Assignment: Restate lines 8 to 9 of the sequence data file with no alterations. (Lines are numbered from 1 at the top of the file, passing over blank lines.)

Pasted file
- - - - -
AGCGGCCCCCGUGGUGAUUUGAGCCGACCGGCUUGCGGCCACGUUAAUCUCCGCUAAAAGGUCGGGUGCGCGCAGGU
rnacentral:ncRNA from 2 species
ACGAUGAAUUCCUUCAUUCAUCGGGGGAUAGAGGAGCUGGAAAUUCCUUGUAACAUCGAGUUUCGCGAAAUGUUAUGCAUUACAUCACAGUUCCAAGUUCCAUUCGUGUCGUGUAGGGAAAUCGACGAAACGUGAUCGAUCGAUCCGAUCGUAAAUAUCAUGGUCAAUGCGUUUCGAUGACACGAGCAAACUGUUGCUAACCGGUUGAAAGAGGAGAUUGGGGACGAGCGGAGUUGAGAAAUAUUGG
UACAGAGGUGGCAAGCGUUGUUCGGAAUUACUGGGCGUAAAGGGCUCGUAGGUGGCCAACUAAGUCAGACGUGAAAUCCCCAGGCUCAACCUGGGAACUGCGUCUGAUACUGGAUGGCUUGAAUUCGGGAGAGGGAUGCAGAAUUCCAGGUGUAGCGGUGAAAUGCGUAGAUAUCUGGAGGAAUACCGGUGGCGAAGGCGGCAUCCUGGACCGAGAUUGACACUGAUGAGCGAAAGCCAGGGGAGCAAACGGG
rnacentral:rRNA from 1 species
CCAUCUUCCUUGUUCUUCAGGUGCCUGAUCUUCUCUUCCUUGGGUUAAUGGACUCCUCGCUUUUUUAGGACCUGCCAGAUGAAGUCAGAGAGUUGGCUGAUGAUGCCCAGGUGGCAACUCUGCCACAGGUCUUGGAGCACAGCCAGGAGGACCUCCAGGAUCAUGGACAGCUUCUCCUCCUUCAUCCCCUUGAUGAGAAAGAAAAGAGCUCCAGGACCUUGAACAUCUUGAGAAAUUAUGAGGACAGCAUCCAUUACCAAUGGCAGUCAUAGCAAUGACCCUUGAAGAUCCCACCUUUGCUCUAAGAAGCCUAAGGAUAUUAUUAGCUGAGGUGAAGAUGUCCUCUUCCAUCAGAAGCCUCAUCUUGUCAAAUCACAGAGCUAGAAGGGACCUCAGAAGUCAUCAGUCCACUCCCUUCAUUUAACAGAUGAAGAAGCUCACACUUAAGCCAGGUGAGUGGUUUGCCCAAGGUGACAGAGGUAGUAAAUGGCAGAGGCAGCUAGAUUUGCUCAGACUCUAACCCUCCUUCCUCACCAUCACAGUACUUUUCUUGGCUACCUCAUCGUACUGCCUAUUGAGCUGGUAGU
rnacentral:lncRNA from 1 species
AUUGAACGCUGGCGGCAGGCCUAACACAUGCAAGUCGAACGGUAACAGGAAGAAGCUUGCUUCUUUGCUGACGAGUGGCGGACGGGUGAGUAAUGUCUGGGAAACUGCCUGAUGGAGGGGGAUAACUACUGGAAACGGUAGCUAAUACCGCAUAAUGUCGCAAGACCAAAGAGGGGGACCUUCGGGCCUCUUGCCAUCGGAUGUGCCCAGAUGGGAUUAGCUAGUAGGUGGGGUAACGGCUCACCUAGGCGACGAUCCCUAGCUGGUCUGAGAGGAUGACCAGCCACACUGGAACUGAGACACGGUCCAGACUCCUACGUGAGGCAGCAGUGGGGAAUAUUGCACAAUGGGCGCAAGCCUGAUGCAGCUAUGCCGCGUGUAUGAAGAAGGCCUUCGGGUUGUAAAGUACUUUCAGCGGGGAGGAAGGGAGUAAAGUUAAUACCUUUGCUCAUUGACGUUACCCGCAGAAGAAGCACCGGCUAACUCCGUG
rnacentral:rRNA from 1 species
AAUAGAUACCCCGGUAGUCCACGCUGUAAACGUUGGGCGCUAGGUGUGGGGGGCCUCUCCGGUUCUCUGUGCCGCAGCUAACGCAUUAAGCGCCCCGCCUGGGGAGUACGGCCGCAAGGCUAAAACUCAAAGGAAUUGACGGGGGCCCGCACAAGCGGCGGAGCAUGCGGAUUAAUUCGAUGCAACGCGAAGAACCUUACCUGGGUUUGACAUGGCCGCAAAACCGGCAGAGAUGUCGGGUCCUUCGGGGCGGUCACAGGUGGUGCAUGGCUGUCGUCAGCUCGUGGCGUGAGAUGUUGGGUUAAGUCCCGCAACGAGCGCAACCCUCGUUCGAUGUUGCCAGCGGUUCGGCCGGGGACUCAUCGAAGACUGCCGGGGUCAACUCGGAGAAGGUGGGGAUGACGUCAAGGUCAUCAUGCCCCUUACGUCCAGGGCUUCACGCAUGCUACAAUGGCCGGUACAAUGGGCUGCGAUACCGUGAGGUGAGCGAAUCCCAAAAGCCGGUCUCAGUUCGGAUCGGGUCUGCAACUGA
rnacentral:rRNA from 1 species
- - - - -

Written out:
AUUGAACGCUGGCGGCAGGCCUAACACAUGCAAGUCGAACGGUAACAGGAAGAAGCUUGCUUCUUUGCUGACGAGUGGCGGACGGGUGAGUAAUGUCUGGGAAACUGCCUGAUGGAGGGGGAUAACUACUGGAAACGGUAGCUAAUACCGCAUAAUGUCGCAAGACCAAAGAGGGGGACCUUCGGGCCUCUUGCCAUCGGAUGUGCCCAGAUGGGAUUAGCUAGUAGGUGGGGUAACGGCUCACCUAGGCGACGAUCCCUAGCUGGUCUGAGAGGAUGACCAGCCACACUGGAACUGAGACACGGUCCAGACUCCUACGUGAGGCAGCAGUGGGGAAUAUUGCACAAUGGGCGCAAGCCUGAUGCAGCUAUGCCGCGUGUAUGAAGAAGGCCUUCGGGUUGUAAAGUACUUUCAGCGGGGAGGAAGGGAGUAAAGUUAAUACCUUUGCUCAUUGACGUUACCCGCAGAAGAAGCACCGGCUAACUCCGUG
rnacentral:rRNA from 1 species